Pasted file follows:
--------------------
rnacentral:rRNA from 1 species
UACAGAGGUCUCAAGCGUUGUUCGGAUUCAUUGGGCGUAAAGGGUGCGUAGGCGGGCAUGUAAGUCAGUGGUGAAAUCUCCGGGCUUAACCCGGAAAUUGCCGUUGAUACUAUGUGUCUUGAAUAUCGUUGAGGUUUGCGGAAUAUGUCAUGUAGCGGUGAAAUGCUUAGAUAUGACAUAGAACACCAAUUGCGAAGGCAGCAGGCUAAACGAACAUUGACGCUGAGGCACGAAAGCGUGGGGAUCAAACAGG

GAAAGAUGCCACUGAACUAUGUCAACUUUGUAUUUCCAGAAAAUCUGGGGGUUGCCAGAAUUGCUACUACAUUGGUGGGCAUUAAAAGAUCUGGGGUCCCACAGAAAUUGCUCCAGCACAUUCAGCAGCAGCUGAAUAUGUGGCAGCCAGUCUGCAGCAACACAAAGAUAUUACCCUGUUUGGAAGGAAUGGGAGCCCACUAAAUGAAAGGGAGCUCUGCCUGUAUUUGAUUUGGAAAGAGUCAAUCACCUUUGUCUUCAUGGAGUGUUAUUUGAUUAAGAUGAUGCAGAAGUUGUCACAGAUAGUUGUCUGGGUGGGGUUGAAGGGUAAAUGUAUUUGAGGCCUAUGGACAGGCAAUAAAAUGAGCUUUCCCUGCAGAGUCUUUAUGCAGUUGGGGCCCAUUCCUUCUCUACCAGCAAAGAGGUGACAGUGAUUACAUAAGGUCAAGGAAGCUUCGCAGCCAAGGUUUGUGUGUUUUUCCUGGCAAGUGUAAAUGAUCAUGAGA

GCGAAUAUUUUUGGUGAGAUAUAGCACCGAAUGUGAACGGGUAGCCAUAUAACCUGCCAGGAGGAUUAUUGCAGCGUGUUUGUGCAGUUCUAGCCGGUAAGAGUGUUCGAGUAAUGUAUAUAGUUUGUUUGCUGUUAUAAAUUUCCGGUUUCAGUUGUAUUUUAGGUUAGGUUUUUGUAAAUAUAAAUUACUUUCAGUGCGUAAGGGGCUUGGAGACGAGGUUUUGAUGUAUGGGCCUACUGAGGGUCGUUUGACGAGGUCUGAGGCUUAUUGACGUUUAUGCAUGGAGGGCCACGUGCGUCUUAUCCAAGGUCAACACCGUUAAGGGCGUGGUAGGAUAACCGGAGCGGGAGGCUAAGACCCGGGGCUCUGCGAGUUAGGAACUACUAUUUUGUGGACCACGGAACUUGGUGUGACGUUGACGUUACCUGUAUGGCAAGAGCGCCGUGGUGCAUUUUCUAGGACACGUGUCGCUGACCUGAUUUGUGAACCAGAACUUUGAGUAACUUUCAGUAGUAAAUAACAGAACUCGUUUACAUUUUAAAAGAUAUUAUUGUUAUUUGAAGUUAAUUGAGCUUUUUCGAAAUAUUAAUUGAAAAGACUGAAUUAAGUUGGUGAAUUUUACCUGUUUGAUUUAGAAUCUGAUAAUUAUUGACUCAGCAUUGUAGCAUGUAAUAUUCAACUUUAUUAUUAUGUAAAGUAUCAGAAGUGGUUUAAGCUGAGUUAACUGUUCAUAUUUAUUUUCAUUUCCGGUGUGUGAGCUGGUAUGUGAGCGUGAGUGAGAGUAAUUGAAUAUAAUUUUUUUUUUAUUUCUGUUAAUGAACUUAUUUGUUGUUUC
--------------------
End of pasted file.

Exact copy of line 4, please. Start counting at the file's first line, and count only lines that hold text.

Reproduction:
GCGAAUAUUUUUGGUGAGAUAUAGCACCGAAUGUGAACGGGUAGCCAUAUAACCUGCCAGGAGGAUUAUUGCAGCGUGUUUGUGCAGUUCUAGCCGGUAAGAGUGUUCGAGUAAUGUAUAUAGUUUGUUUGCUGUUAUAAAUUUCCGGUUUCAGUUGUAUUUUAGGUUAGGUUUUUGUAAAUAUAAAUUACUUUCAGUGCGUAAGGGGCUUGGAGACGAGGUUUUGAUGUAUGGGCCUACUGAGGGUCGUUUGACGAGGUCUGAGGCUUAUUGACGUUUAUGCAUGGAGGGCCACGUGCGUCUUAUCCAAGGUCAACACCGUUAAGGGCGUGGUAGGAUAACCGGAGCGGGAGGCUAAGACCCGGGGCUCUGCGAGUUAGGAACUACUAUUUUGUGGACCACGGAACUUGGUGUGACGUUGACGUUACCUGUAUGGCAAGAGCGCCGUGGUGCAUUUUCUAGGACACGUGUCGCUGACCUGAUUUGUGAACCAGAACUUUGAGUAACUUUCAGUAGUAAAUAACAGAACUCGUUUACAUUUUAAAAGAUAUUAUUGUUAUUUGAAGUUAAUUGAGCUUUUUCGAAAUAUUAAUUGAAAAGACUGAAUUAAGUUGGUGAAUUUUACCUGUUUGAUUUAGAAUCUGAUAAUUAUUGACUCAGCAUUGUAGCAUGUAAUAUUCAACUUUAUUAUUAUGUAAAGUAUCAGAAGUGGUUUAAGCUGAGUUAACUGUUCAUAUUUAUUUUCAUUUCCGGUGUGUGAGCUGGUAUGUGAGCGUGAGUGAGAGUAAUUGAAUAUAAUUUUUUUUUUAUUUCUGUUAAUGAACUUAUUUGUUGUUUC